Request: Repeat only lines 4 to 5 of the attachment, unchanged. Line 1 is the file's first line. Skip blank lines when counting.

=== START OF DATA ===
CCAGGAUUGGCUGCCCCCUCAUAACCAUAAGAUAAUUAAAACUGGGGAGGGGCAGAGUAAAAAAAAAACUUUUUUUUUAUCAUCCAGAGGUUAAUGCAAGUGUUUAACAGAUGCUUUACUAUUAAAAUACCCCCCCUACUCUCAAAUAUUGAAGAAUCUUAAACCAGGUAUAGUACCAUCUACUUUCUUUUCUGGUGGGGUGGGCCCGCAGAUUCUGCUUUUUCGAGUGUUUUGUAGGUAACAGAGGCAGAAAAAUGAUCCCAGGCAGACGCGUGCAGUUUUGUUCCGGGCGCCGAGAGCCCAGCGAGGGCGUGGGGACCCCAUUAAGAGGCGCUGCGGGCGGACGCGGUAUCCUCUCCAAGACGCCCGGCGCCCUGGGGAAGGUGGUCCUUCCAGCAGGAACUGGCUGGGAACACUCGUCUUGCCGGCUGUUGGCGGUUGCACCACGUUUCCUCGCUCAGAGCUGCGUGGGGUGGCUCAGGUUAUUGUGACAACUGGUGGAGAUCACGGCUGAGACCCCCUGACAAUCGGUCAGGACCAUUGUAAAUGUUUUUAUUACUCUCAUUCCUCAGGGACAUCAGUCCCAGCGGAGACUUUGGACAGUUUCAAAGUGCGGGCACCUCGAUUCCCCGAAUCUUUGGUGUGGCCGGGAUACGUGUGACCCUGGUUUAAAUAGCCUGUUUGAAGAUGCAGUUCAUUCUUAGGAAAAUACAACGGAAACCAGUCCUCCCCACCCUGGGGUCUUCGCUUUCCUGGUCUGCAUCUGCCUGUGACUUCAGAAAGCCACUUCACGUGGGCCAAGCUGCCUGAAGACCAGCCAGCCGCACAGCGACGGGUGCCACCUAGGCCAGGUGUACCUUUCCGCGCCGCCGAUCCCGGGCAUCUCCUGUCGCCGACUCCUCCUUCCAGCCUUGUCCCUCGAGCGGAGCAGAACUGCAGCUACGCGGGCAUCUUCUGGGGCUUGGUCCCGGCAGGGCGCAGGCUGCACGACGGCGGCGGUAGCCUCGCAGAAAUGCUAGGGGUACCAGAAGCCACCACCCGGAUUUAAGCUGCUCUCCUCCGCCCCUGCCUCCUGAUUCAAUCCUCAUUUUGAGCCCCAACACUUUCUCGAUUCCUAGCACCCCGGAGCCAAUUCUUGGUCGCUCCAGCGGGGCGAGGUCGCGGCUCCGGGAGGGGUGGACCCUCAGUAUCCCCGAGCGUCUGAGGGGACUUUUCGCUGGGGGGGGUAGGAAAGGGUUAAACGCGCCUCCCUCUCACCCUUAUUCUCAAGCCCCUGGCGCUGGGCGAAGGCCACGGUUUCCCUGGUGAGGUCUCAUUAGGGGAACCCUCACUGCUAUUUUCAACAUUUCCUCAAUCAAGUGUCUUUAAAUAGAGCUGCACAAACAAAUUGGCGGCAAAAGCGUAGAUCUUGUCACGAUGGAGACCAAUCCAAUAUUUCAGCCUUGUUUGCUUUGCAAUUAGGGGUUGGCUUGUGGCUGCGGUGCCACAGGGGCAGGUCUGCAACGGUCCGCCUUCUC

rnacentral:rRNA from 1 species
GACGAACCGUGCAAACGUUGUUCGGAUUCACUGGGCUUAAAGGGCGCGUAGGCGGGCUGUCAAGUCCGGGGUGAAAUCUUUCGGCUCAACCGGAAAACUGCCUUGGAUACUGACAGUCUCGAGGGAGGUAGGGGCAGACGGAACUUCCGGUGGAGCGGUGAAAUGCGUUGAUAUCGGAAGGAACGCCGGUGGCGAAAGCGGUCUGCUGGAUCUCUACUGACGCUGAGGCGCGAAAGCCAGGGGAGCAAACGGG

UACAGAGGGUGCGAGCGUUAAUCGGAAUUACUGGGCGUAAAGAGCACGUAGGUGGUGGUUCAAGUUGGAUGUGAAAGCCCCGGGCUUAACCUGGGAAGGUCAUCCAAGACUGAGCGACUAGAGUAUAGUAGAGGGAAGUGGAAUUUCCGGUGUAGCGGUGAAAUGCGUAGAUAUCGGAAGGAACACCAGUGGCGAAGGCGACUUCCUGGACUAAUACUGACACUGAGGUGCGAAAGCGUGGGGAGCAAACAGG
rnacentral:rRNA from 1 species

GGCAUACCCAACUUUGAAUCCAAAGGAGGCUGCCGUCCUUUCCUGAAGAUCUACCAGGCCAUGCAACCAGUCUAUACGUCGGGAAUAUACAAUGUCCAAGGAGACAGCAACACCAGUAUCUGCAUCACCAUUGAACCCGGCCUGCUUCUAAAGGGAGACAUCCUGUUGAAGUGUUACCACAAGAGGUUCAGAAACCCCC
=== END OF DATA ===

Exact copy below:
UACAGAGGGUGCGAGCGUUAAUCGGAAUUACUGGGCGUAAAGAGCACGUAGGUGGUGGUUCAAGUUGGAUGUGAAAGCCCCGGGCUUAACCUGGGAAGGUCAUCCAAGACUGAGCGACUAGAGUAUAGUAGAGGGAAGUGGAAUUUCCGGUGUAGCGGUGAAAUGCGUAGAUAUCGGAAGGAACACCAGUGGCGAAGGCGACUUCCUGGACUAAUACUGACACUGAGGUGCGAAAGCGUGGGGAGCAAACAGG
rnacentral:rRNA from 1 species